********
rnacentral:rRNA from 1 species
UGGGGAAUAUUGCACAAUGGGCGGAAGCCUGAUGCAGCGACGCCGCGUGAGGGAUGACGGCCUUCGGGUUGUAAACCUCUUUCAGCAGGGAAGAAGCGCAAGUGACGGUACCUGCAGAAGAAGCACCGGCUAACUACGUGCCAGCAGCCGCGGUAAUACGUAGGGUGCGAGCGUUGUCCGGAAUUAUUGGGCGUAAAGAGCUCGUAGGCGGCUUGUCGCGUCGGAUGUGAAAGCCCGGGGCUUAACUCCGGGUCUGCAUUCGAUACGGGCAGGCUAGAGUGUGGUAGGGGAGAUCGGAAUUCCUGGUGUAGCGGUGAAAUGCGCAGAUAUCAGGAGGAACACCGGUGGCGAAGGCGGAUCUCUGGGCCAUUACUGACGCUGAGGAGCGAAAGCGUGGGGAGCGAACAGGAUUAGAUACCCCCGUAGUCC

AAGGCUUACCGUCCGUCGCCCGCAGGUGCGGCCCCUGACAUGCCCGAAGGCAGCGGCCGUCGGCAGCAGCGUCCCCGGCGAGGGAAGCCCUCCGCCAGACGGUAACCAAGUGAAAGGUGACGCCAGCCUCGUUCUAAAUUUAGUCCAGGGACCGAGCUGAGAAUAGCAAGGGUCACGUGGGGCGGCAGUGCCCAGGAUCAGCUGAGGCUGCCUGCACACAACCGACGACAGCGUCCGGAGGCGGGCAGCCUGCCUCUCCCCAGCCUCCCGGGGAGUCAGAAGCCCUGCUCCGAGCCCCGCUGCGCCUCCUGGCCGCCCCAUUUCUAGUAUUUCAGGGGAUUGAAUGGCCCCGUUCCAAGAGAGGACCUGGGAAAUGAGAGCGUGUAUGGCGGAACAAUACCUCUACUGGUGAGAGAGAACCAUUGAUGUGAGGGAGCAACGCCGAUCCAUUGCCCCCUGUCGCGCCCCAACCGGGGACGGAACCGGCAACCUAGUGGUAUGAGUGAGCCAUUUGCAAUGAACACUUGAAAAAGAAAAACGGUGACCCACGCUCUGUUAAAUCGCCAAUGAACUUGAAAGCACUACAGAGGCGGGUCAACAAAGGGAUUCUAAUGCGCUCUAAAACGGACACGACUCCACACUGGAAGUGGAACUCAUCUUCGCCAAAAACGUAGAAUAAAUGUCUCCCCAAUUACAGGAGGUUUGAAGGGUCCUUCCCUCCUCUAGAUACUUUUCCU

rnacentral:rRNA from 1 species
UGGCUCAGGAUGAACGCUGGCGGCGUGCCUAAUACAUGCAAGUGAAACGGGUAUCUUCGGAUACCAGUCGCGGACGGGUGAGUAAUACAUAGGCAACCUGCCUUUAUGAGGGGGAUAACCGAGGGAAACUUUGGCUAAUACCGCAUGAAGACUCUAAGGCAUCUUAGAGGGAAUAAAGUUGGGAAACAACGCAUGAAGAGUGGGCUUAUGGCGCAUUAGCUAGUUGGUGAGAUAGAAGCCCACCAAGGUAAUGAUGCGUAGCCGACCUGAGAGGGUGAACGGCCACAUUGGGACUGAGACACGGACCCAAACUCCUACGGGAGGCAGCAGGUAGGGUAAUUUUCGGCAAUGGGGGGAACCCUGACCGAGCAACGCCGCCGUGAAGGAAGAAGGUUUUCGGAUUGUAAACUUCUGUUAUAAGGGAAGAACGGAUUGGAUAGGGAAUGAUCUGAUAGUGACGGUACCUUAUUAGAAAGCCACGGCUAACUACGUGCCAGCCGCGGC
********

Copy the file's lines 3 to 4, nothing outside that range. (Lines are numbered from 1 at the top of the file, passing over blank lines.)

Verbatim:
AAGGCUUACCGUCCGUCGCCCGCAGGUGCGGCCCCUGACAUGCCCGAAGGCAGCGGCCGUCGGCAGCAGCGUCCCCGGCGAGGGAAGCCCUCCGCCAGACGGUAACCAAGUGAAAGGUGACGCCAGCCUCGUUCUAAAUUUAGUCCAGGGACCGAGCUGAGAAUAGCAAGGGUCACGUGGGGCGGCAGUGCCCAGGAUCAGCUGAGGCUGCCUGCACACAACCGACGACAGCGUCCGGAGGCGGGCAGCCUGCCUCUCCCCAGCCUCCCGGGGAGUCAGAAGCCCUGCUCCGAGCCCCGCUGCGCCUCCUGGCCGCCCCAUUUCUAGUAUUUCAGGGGAUUGAAUGGCCCCGUUCCAAGAGAGGACCUGGGAAAUGAGAGCGUGUAUGGCGGAACAAUACCUCUACUGGUGAGAGAGAACCAUUGAUGUGAGGGAGCAACGCCGAUCCAUUGCCCCCUGUCGCGCCCCAACCGGGGACGGAACCGGCAACCUAGUGGUAUGAGUGAGCCAUUUGCAAUGAACACUUGAAAAAGAAAAACGGUGACCCACGCUCUGUUAAAUCGCCAAUGAACUUGAAAGCACUACAGAGGCGGGUCAACAAAGGGAUUCUAAUGCGCUCUAAAACGGACACGACUCCACACUGGAAGUGGAACUCAUCUUCGCCAAAAACGUAGAAUAAAUGUCUCCCCAAUUACAGGAGGUUUGAAGGGUCCUUCCCUCCUCUAGAUACUUUUCCU

rnacentral:rRNA from 1 species